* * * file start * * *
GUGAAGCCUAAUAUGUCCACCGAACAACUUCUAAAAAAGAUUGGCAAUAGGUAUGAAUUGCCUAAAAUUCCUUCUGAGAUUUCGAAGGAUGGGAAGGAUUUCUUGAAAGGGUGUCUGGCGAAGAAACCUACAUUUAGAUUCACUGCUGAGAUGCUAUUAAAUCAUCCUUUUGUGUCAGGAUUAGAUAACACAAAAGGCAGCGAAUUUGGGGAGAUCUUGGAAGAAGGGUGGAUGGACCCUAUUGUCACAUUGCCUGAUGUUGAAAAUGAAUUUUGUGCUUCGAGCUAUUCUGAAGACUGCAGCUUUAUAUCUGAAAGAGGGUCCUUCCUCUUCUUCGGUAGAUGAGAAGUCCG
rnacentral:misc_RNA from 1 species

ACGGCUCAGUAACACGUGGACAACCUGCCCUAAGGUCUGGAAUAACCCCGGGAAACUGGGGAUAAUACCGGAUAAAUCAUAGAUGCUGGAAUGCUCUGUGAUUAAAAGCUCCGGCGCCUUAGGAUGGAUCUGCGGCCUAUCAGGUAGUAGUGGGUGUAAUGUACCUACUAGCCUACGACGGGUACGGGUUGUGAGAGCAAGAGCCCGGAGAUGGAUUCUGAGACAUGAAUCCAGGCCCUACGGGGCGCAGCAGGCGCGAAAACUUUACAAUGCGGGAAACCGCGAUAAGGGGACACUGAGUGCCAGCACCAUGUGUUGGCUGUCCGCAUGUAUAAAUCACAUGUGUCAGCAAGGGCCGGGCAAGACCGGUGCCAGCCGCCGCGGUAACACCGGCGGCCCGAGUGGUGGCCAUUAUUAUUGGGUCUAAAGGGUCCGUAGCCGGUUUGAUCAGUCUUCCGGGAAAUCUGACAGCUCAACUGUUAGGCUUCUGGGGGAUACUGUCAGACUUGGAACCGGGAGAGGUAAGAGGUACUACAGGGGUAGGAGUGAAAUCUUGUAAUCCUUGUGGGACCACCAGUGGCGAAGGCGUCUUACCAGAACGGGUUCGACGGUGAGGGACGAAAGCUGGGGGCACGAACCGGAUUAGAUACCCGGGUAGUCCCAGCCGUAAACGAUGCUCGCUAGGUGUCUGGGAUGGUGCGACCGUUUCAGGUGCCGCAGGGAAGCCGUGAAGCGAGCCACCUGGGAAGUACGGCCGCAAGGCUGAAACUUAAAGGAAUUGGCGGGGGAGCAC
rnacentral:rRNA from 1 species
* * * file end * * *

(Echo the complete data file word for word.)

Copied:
GUGAAGCCUAAUAUGUCCACCGAACAACUUCUAAAAAAGAUUGGCAAUAGGUAUGAAUUGCCUAAAAUUCCUUCUGAGAUUUCGAAGGAUGGGAAGGAUUUCUUGAAAGGGUGUCUGGCGAAGAAACCUACAUUUAGAUUCACUGCUGAGAUGCUAUUAAAUCAUCCUUUUGUGUCAGGAUUAGAUAACACAAAAGGCAGCGAAUUUGGGGAGAUCUUGGAAGAAGGGUGGAUGGACCCUAUUGUCACAUUGCCUGAUGUUGAAAAUGAAUUUUGUGCUUCGAGCUAUUCUGAAGACUGCAGCUUUAUAUCUGAAAGAGGGUCCUUCCUCUUCUUCGGUAGAUGAGAAGUCCG
rnacentral:misc_RNA from 1 species

ACGGCUCAGUAACACGUGGACAACCUGCCCUAAGGUCUGGAAUAACCCCGGGAAACUGGGGAUAAUACCGGAUAAAUCAUAGAUGCUGGAAUGCUCUGUGAUUAAAAGCUCCGGCGCCUUAGGAUGGAUCUGCGGCCUAUCAGGUAGUAGUGGGUGUAAUGUACCUACUAGCCUACGACGGGUACGGGUUGUGAGAGCAAGAGCCCGGAGAUGGAUUCUGAGACAUGAAUCCAGGCCCUACGGGGCGCAGCAGGCGCGAAAACUUUACAAUGCGGGAAACCGCGAUAAGGGGACACUGAGUGCCAGCACCAUGUGUUGGCUGUCCGCAUGUAUAAAUCACAUGUGUCAGCAAGGGCCGGGCAAGACCGGUGCCAGCCGCCGCGGUAACACCGGCGGCCCGAGUGGUGGCCAUUAUUAUUGGGUCUAAAGGGUCCGUAGCCGGUUUGAUCAGUCUUCCGGGAAAUCUGACAGCUCAACUGUUAGGCUUCUGGGGGAUACUGUCAGACUUGGAACCGGGAGAGGUAAGAGGUACUACAGGGGUAGGAGUGAAAUCUUGUAAUCCUUGUGGGACCACCAGUGGCGAAGGCGUCUUACCAGAACGGGUUCGACGGUGAGGGACGAAAGCUGGGGGCACGAACCGGAUUAGAUACCCGGGUAGUCCCAGCCGUAAACGAUGCUCGCUAGGUGUCUGGGAUGGUGCGACCGUUUCAGGUGCCGCAGGGAAGCCGUGAAGCGAGCCACCUGGGAAGUACGGCCGCAAGGCUGAAACUUAAAGGAAUUGGCGGGGGAGCAC
rnacentral:rRNA from 1 species